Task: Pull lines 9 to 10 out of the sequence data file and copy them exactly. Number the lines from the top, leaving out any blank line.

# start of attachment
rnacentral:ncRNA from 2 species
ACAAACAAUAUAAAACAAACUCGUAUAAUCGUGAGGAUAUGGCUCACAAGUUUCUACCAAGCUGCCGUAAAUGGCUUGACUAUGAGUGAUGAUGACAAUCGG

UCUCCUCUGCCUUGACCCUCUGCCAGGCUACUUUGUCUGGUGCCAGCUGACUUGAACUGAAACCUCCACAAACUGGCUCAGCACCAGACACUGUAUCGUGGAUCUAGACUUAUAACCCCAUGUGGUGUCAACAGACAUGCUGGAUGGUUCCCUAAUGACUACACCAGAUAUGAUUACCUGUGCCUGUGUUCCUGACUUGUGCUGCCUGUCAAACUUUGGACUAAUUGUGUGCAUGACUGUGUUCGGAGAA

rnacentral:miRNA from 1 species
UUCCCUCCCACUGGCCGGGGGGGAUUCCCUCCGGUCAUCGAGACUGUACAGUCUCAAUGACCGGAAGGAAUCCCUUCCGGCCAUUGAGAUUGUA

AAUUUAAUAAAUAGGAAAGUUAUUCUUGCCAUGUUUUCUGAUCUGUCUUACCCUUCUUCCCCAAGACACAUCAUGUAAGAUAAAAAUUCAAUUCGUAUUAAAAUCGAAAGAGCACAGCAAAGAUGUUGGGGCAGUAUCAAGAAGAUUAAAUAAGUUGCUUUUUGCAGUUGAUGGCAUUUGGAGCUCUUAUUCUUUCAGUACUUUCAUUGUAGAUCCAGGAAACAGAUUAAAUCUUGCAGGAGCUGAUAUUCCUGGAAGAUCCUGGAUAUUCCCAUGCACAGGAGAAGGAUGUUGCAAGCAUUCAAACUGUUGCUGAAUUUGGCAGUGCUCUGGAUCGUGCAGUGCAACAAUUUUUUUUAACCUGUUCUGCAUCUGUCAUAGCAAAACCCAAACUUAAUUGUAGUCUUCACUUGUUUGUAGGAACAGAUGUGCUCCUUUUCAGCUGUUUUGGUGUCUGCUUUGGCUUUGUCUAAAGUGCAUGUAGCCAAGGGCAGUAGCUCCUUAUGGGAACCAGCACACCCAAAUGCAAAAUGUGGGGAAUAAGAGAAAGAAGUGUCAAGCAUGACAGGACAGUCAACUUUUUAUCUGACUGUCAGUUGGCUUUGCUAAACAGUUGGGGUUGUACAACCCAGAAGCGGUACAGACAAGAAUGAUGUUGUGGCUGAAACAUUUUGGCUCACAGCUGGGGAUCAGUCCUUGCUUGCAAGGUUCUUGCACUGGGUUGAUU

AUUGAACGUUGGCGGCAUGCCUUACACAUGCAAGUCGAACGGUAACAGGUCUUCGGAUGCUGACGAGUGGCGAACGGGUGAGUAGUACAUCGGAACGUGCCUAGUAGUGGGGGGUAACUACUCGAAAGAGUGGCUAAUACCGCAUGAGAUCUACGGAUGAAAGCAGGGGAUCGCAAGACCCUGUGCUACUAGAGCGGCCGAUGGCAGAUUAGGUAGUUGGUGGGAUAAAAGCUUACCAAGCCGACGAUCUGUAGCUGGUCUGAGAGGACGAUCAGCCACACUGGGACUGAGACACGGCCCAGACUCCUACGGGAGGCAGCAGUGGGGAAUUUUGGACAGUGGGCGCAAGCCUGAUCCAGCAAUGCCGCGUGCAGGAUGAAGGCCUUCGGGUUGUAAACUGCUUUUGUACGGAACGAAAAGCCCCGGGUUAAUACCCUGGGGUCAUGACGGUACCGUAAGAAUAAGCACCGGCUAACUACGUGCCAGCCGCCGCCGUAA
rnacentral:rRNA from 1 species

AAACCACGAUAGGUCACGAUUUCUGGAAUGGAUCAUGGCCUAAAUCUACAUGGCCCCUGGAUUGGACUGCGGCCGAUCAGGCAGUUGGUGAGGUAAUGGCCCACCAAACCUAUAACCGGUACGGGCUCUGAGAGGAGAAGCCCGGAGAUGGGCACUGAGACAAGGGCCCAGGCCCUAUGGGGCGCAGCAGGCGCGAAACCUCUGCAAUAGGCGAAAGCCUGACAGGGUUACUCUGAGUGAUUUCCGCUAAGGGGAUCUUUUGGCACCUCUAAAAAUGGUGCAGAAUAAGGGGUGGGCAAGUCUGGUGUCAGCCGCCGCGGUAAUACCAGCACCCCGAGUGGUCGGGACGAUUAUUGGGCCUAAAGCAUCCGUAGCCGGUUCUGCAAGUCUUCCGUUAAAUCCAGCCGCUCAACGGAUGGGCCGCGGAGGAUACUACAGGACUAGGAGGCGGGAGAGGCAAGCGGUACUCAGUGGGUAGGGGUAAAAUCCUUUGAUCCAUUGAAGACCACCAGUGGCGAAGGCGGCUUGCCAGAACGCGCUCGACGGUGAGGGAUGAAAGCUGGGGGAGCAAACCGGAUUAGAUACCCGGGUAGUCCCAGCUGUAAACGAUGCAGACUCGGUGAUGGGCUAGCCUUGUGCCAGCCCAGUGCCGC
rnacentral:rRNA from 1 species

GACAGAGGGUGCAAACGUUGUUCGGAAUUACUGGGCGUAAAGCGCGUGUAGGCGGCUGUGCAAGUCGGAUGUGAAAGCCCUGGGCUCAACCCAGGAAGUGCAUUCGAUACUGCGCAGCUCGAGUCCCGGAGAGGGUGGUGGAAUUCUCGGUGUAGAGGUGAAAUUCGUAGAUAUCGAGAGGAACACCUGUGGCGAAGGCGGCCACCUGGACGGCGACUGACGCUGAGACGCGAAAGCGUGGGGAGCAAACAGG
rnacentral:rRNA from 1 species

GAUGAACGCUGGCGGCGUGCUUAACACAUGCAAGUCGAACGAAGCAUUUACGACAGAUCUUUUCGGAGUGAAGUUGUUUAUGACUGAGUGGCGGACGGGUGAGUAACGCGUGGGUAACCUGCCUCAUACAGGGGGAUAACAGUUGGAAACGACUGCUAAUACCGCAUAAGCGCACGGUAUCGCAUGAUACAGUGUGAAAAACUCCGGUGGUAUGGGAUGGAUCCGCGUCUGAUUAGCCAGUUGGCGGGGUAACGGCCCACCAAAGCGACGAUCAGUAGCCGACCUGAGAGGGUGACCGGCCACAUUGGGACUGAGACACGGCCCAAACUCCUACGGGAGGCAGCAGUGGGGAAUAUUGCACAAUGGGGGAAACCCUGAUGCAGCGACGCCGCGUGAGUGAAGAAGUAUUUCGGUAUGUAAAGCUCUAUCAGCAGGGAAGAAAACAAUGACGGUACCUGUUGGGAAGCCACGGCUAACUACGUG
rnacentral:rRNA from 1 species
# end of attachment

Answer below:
AAACCACGAUAGGUCACGAUUUCUGGAAUGGAUCAUGGCCUAAAUCUACAUGGCCCCUGGAUUGGACUGCGGCCGAUCAGGCAGUUGGUGAGGUAAUGGCCCACCAAACCUAUAACCGGUACGGGCUCUGAGAGGAGAAGCCCGGAGAUGGGCACUGAGACAAGGGCCCAGGCCCUAUGGGGCGCAGCAGGCGCGAAACCUCUGCAAUAGGCGAAAGCCUGACAGGGUUACUCUGAGUGAUUUCCGCUAAGGGGAUCUUUUGGCACCUCUAAAAAUGGUGCAGAAUAAGGGGUGGGCAAGUCUGGUGUCAGCCGCCGCGGUAAUACCAGCACCCCGAGUGGUCGGGACGAUUAUUGGGCCUAAAGCAUCCGUAGCCGGUUCUGCAAGUCUUCCGUUAAAUCCAGCCGCUCAACGGAUGGGCCGCGGAGGAUACUACAGGACUAGGAGGCGGGAGAGGCAAGCGGUACUCAGUGGGUAGGGGUAAAAUCCUUUGAUCCAUUGAAGACCACCAGUGGCGAAGGCGGCUUGCCAGAACGCGCUCGACGGUGAGGGAUGAAAGCUGGGGGAGCAAACCGGAUUAGAUACCCGGGUAGUCCCAGCUGUAAACGAUGCAGACUCGGUGAUGGGCUAGCCUUGUGCCAGCCCAGUGCCGC
rnacentral:rRNA from 1 species